What is the “Woozle effect”, and why should we be so worried about it ?
There is a good chance you have never heard of the “Woozle effect” before. It is not as well know as similar psychological phenomenons like groupthink or the bandwagon effect, but being aware of it, and combating its effects are just as important.
The term “Woozle”, comes from the much loved children’s book “Winnie the Pooh” by A.A. Milnes. In the book Pooh Bear and Piglet go hunting for a Woozle. They follow the Woozle’s tracks, and find that there are more and more tracks appearing. Christopher Robin eventually explains that Pooh and Piglet have been following their own tracks the whole time.
Over time, the Woozle effect has become a term to mean evidence based on weak citation that misleads individuals, groups and the public into thinking or believing there is real evidence. These “”Woozles” lead to nonfacts becoming part of the zeitgeist, turning into urban myths, factoids and fake news. Over time, we see a citation of a study so many times that we will start to believe it to be fact when it actually lacks any real evidence. This often happens in the mainstream press where a study is cited to support an argument, yet the original study lacks evidence, lacks definitions, or has a flawed methodology.
In modern politics the Woozle effect has become even more extreme. A person in an authority position now only needs to suggest something to be true without even providing actual evidence. These people in positions of power now act as the citations for a new Woozle to start. Of course the first person that probably comes to your mind would be Donald Trump. He has used the Woozle effect masterfully. Whether intentionally or unintentionally, he has been able to persuade a large portion of the population that much of what he says is backed by hard evidence. However, it’s not just Trump who has used the Woozle effect, his predecessor used it just as effectively. When talking about issues like gun control or tax increases Barack Obama would use phrases like “common sense” gun reform, or “fair share” tax increases. Those phrases suggested that people who do not agree with them were either stupid or selfish, effectively muting their point of view, and at the same time allowing Obama to set the definitions for those phrases.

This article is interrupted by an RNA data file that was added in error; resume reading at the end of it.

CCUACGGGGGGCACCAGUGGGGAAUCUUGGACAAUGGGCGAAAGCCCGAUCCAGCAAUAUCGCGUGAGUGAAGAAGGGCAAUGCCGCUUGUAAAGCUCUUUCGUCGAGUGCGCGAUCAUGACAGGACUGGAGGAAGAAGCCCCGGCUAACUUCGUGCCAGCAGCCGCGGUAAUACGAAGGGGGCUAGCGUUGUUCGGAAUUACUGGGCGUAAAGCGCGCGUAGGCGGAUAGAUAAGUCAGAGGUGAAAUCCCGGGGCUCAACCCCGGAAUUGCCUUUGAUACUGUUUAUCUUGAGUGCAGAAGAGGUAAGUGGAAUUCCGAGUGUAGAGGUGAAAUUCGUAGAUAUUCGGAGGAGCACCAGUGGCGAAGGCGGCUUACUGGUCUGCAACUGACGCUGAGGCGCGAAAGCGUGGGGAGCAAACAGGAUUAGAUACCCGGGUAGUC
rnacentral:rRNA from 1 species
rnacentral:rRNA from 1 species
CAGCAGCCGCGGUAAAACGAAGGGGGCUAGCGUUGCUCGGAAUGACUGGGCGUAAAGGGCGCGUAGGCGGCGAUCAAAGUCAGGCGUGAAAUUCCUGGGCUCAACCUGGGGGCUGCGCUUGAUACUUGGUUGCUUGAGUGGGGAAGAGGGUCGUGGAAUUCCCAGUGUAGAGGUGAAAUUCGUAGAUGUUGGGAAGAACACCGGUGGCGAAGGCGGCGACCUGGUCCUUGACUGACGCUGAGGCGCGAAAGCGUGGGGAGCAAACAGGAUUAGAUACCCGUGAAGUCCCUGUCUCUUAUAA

It is fake news where the Woozle effect is felt the most today. It only takes one news article with questionable credibility to create a snowball effect of following articles each citing the last as evidence. You can spot the Woozle effect if the language has changed from things like “the evidence suggests” to “the evidence shows”. The changing of words from qualified (“it may”, “it might”, “it could”) to absolute form (“Every one knows …”, “It is clear that …”, “It is obvious that …”, “It is generally agreed that …”) subconsciously suggests to the reader a firm link between evidence and conclusions.
So why does all of this matter? When we are making decisions we need to use reliable information. The only way to determine if the information is reliable is to read the original studies, not to rely upon just the presses or an influential individuals interpretation of these studies. We need be asking questions like — does the study use a flawed sample? Use a very small sample? Interpret correlation as causation? Cite original research? If the evidence is weak, the decision could be too. So the next time you watch Fox News or read the Huffington Post ask yourself are the points being presented to you backed by hard evidence or are you following the tracks of a Woozle?
David is a computer science student living in San Francisco, CA. He created woozle.news, a news website that presents the day’s top stories in an unbiased, easy to understand, conversational format.